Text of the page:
Friday, October 23, 2009
If you're out on the streets of the city at all hours, as I am, you see odd things, some unforgettable. I remember stopping one night about 2 am for a woman crying her eyes out in a gutter in Dulwich Hill. She didn't even register my presence. Another time I saw, in some dark street off the Princes Highway in Rockdale, what I am sure was a murdered man lying on his back on a concrete loading dock outside a warehouse building. That time I didn't stop but soon after passed the cops, sirens wailing, coming to attend to the scene of the crime. And now another one I won't ever be able to banish from my mind. It was maybe three-twenty on Monday afternoon, I was taking a Brazilian au pair and her precocious charge from his prep school in Bellevue Hill to the family home in Vaucluse when I saw, on a foreshore lawn in Rose Bay, in bright sunlight a street person falling as he tried to cross that wide verge into the shade of the fig trees beyond. Just the nondescript clothes gone khaki with age and dirt, the pale builder's smile blinking out the top of his pants and the helpless way he went backwards onto the sweet green grass: as if he would never rise again. All the sad debris he carried scattering as he went down. The Brazilian saw it too, we were conversing at the time, but although we both registered the moment, neither of us said anything about it. Maybe for the sake of the boy, I don't know.
Wednesday, October 21, 2009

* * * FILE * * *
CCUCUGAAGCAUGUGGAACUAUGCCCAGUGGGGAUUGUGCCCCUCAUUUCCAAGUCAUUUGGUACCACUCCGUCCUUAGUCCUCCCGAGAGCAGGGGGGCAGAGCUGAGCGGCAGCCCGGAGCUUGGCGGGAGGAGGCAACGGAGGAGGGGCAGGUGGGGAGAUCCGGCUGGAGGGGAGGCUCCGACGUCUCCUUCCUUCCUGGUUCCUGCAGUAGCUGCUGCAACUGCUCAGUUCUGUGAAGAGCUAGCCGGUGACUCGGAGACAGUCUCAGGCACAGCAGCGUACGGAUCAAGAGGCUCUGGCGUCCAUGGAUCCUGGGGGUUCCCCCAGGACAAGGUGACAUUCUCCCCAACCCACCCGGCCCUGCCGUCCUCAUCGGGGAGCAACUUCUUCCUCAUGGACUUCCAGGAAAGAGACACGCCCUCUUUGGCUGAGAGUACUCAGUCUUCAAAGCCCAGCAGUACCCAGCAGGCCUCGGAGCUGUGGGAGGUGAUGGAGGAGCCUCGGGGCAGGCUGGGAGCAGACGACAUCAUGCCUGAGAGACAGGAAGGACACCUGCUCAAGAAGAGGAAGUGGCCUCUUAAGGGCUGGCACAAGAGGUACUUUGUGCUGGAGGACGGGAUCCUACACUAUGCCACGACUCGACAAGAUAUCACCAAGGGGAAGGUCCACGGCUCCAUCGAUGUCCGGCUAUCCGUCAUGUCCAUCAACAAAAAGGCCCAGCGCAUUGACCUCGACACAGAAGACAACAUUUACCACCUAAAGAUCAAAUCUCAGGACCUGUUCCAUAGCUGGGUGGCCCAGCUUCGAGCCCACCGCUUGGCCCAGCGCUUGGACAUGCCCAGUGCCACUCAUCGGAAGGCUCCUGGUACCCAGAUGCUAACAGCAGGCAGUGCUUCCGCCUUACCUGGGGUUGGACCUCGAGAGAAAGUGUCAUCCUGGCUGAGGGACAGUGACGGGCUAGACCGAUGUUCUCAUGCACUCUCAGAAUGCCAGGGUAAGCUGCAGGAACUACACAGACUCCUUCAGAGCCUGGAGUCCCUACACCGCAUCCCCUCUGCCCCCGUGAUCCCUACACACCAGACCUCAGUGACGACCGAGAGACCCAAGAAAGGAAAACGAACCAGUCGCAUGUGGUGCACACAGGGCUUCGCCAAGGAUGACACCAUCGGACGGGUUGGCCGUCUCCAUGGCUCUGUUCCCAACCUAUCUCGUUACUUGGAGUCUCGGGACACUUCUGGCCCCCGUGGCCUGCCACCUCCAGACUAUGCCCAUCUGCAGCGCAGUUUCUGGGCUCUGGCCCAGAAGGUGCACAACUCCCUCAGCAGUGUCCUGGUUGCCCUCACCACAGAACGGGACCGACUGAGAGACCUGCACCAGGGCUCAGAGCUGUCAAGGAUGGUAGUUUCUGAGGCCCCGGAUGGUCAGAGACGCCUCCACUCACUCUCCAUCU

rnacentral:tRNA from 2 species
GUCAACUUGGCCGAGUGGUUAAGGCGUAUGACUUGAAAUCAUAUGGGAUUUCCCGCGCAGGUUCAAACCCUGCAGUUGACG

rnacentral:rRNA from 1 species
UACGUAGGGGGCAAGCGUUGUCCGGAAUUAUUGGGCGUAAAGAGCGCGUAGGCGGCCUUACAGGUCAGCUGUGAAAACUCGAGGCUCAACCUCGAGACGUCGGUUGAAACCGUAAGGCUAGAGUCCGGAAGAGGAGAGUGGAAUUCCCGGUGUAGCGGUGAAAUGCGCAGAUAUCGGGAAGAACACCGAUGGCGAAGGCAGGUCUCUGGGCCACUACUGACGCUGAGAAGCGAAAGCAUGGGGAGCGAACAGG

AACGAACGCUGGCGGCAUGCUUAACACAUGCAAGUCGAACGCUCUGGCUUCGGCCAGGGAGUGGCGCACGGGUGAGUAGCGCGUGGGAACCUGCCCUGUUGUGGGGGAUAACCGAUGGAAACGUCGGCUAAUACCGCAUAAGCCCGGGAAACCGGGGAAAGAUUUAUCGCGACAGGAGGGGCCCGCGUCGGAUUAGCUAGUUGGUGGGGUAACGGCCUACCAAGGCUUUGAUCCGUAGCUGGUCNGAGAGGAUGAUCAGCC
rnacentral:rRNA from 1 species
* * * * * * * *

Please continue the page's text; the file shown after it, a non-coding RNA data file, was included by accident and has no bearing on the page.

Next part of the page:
Some days it is as if everyone is drunk - yesterday was one. Or maybe it's just because I tend to wait outside the Tea Gardens Hotel at Bondi Junction where, it seems, the entirety of the considerable Irish diaspora in the Eastern Suburbs goes to water its - their - collective whistle. One boyo I took to Kensington had started the day there at 7.30, drunk with his workmates until 10.30, gone off to pour a concrete slab for the extension of someone's house, then gone back to the pub for the rest of the afternoon: he told his girlfriend on the phone that he'd spent the day drinking beer and driving around in trucks. Another had a bigger story to tell. He was a handsome fellow wearing a blue shirt half undone and giddy-giddy gout over black trousers and boots and, even at a distance, I could see he was shickered. He got in, slurred the name of the street he wanted and then apologised for his drunken state. Y'see, he explained, I just got off being sent to jail for five years and I been celebrating. He lives in Birriga Road, Bellevue Hill where, a few months ago, work of some kind was being done on the margins of the street or the footpath; barriers were erected and parking restrictions in force for the two weeks the work would take. But it was all done in one, whereupon the municipal authority took the barriers away and the residents resumed leaving their cars outside their houses; but the parking restrictions remained. That second week the Grey Bombers swooped and made a mint for the Council. My fare came back from a bad day at work (all these Irish boys seem to be in construction) to find a fellow writing him out a ticket. He protested, to no avail: the parking officer wouldn't listen, told him he didn't give a shit. So my boyo hit him. Hard enough that the officer fell backwards into the street and struck the back of his head on the curb. This is quite a common cause of death in urban conflicts these days, so I guess these two were lucky that the officer, though badly messed up and still in hospital, didn't die. My fare hired an expensive lawyer (he owes seven grand) but, from his description of the hearing, that might have been unnecessary: he got up after the formal part of the proceedings was over, told the judge that he was guilty, was very very sorry and would for the rest of his life have on his conscience that he had badly hurt a fellow human being. He got a two year good behaviour bond . . . and the lawyer's bill. I told this story to another fellow, not drunk, with buck teeth, who was going down to the beach at Bondi, and he told me about a mate of his, a young boxer, who in Glebe one night punched a drunk who would not stop hassling his girlfriend. Same circumstance, the drunk fell backwards, hit his head - and died. The boxer, who was just 24 years old and not drunk at the time, got four years. He had no previous involvement with drugs, but in jail became a heroin addict and, after he got out, died of an overdose. I don't mind drunk people if they are polite: no complaints about the affable chap I picked up late afternoon in Crown Street, about my age and stinking of spirits, whom I took down to a big house in exclusive Robertson Road, Centenniel Park, where Patrick White used to live. A bit later, in The Rocks, where I never usually go, there was a tall young blond woman standing in the street talking on her mobile phone who hailed me and asked to be taken to Cammeray. She was drunk too and sat in the front seat loudly recounting to her friend that day's triumph: her first gig as a news-reader on radio JJJ. When she finished with that friend she rang another and told her the story too, with variations and digressions, including a startling analysis of a friend's marriage troubles. Anyway, once she had finished that second call, she surprised me by apologising for her rudeness and explaining how she was just so excited, she couldn't help herself . . . most people don't even realise, I told her. My last ride was a weird, sober coda to the night. I was trundling back to Rose Bay to end the shift when I saw a taxi broken down on the other side of Old South Head Road, just up from the turn-off to Curlewis Street. Two chubby girls in mini-skirts were lighting up fags and the young Indian driver was on his mobile. I went through the lights, did a U turn at the servo there, and back to see if I could help. The two girls were young pommies from the provinces, totally star struck with Sydney; they told me what happened. The driver had been barrelling up Blair Street towards the intersection and hadn't seen or else ignored the round-about there. He hit it front on at speed, the car flew, the girls' heads jolted up to strike the roof, the back right hand tyre on the station wagon burst with the impact . . . he seemed proud rather than ashamed of his exploit and as I accelerated up Old South Head, heading for the Wylde Bar at the Cross, I saw him start to drive his crippled car, stupidly if slowly, up the hill after me.